One afternoon at CBA, I had the opportunity to talk with Robin Lee Hatcher and Patricia Rushford together. It was a tropical day in Atlanta, with thunder and rain pelting outside, and we sat in a cozy hotel cafť to chat.
CBP: Iíd love to hear your Christian testimonyÖ
Robin : I was raised in church, and it was a very social gospel. My mom sought God all her life, she was always in church but didnít meet the Lord until she was 52. She prayed me into the kingdom in 13 months. God put books in my hands, and I came to Him through books. So to find myself all these years later writing for the Lord is exciting. On Valentineís Day 1976 in the shower at , I was saved, because it was the only place I could go to be alone and cry.
My first marriage fell apart when my husband had a third affair, I drifted. I didnít deny Christ, but I wasnít in fellowship with other Christians. I wasnít walking close. I had been writing for the secular market, and the Lord restored a right relationship with Him, which had a lot to do with reading Redeeming Love by Francine Rivers, and I said, ďWow, this is what fiction can do.Ē I wanted to do this, but knew I didnít have the talent or testimony. It took me about six years before I realized He could use me in that way.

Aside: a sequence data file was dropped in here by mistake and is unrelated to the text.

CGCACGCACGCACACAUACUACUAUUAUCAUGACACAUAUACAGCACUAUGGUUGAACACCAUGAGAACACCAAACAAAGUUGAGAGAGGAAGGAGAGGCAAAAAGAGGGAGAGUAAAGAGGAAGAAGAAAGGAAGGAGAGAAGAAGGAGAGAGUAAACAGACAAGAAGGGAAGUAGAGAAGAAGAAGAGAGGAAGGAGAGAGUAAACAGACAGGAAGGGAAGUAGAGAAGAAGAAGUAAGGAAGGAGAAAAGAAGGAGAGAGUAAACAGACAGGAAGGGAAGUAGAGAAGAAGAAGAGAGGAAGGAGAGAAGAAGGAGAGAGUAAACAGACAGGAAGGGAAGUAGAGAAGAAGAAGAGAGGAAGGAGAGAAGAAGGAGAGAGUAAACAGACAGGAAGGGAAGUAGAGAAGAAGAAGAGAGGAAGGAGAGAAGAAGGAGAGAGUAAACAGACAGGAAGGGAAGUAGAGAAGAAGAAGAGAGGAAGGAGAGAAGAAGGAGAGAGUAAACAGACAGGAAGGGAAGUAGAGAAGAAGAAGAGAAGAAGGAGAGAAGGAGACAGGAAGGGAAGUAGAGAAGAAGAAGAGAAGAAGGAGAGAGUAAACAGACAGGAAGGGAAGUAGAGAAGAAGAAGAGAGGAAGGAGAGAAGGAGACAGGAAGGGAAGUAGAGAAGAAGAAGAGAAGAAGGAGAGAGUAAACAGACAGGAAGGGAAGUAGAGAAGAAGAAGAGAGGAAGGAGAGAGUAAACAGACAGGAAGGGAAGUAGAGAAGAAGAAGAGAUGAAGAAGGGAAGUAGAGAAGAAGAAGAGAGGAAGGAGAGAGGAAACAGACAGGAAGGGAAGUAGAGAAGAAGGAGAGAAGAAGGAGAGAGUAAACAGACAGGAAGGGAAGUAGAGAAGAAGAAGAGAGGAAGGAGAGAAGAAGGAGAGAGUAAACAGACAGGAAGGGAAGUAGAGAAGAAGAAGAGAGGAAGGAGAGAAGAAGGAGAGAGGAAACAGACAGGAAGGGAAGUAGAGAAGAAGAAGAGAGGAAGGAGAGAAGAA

Growing up I was a compulsive writer, but never thought I would grow up to be
a writer. I always wrote and read, but it was just for pleasure. I was a natural
storyteller, they used to call it lying, and wanted to be an actress. I told my
tenth grade friends that my mother was born on the
After the Lord drew me back into an even closer relationship; after the
drought, those years in the desert, it was different. Then He gave me the idea
for The Forgiving Hour, which was my
first Christian novel. Before that, I had tried sneaking God into my secular
books, and He was often edited out. So when this idea came, I knew God was a
central character and there was no way I could offer it to my
Iím working on my 46th book, and Iíve had such joy in writing for the Lord.
Patricia: Actually, I was born a Christian, in that I was raised in the Lutheran church and was really dedicated. I took my confirmation very seriously. Iíve always had a close relationship with God, and after I got married, I fell away from the fellowship I had with God. It was that I had left my artist self back, and had not brought it into my marriage. I was being a mom, a wife, and everything everyone wanted from me; I wasnít doing a very good job of it. That part of me that was attuned to God was lost.